From June 18 to 22, AFI Docs Documentary Festival (formerly Silverdocs) returns to the Washington area for its 12th year as one of the most prominent documentary film festivals on the international circuit. This year will also be the fest’s second year with its rebranded moniker and a pivot toward a specific policy focus and landmark venues in D.C. such as the National Archives, Newseum and National Portrait Gallery. The AFI Silver Theatre and Cultural Center in Silver Spring, Md., will also screen most films. Highlights available at press time include the following special programs:
On Fri., June 20, the 2014 AFI Docs Charles Guggenheim Symposium will honor filmmaker Alex Gibney, Oscar winner for 2007’s “Taxi to the Dark Side,” an in-depth look at American torture practices in Afghanistan, Iraq and Guantanamo Bay. Clips from his body of work will be screened, followed by a talk with Gibney.
“Alex Gibney’s personal drive to find and expose truth in film makes him one of the most important documentarians of this and any generation,” said Christine O’Malley, interim director of AFI Docs. “His films have etched a place in American history, both as compelling independent storytelling and journalism, so it is particularly fitting that AFI pay tribute to him in Washington and at the National Archives.”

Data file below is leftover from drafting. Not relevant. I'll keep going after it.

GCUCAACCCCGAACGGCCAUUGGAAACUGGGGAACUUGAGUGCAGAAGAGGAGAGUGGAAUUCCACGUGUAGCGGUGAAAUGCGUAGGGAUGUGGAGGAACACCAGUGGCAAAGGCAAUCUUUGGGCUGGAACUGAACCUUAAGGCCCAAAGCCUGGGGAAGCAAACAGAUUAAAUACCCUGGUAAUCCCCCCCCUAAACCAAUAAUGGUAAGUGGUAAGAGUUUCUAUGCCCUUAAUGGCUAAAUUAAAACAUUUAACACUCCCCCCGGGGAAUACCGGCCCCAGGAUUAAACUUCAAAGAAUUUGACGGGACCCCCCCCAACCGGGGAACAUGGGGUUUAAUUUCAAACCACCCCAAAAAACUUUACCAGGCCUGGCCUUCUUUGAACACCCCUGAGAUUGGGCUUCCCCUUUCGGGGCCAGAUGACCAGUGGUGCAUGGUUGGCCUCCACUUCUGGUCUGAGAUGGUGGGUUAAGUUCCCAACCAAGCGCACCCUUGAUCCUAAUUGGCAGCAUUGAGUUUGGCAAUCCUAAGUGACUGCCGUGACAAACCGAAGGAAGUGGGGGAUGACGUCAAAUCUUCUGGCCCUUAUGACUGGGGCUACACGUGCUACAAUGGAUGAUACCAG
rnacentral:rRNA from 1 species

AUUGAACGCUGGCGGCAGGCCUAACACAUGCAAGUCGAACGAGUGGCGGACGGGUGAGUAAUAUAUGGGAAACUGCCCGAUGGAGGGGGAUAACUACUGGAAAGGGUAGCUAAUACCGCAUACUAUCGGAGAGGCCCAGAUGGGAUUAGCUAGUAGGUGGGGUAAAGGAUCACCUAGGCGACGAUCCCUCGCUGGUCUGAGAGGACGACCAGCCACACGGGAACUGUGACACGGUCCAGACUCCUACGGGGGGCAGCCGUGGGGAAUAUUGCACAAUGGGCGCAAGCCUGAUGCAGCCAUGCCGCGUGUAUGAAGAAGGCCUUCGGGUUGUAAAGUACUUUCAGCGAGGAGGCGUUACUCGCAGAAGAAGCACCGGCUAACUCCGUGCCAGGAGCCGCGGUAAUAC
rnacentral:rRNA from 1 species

Accompanying the Guggenheim Symposium will be a retrospective of Gibney’s films, including: “The Armstrong Lie”; “Client 9: The Rise and Fall of Eliot Spitzer”; “Gonzo: The Life and Work of Dr. Hunter S. Thompson”; “Mea Maxima Culpa: Silence in the House of God”; “Taxi to the Dark Side”; and “We Steal Secrets: The Story of WikiLeaks.”
On Wed., June 18, at the Newseum, acclaimed actor Hal Holbrook will present this year’s opening night film, the world premiere of director Scott Teems’s “Holbrook/Twain: An American Odyssey.” It’s a behind-the-scenes look at “Mark Twain Tonight!” — Holbrook’s one-man show about the quintessential American author, Mark Twain, which has run for 60 straight years. The Tony and Emmy Award-winning play is considered to have the longest run of all time for a one-man show.
“AFI Docs is the ideal festival to premiere our film, because both Twain’s writings and Holbrook’s one-man masterpiece remain strikingly relevant and timely observations of this wonderful and conflicted country of ours,” said Teems.
At the National Portrait Gallery on Sat., June 21, AFI Docs will screen its closing night film, “Life Itself,” a documentary by filmmaker Steve James (“Hoop Dreams”) about recently deceased Chicago Sun-Times film critic Roger Ebert, one of the most well-known film critics of all time thanks to the popularity of his television series with Chicago colleague Gene Siskel.
“Roger loved documentaries and, as a critic, had a profound impact on the success of so many of them over the years,” said James. “To be honored at one of the very best festivals devoted to the art form would have greatly pleased him.”
For more information, visit www.afi.com/afidocs.
About the Author
Ky N. Nguyen is the film reviewer of The Washington Diplomat.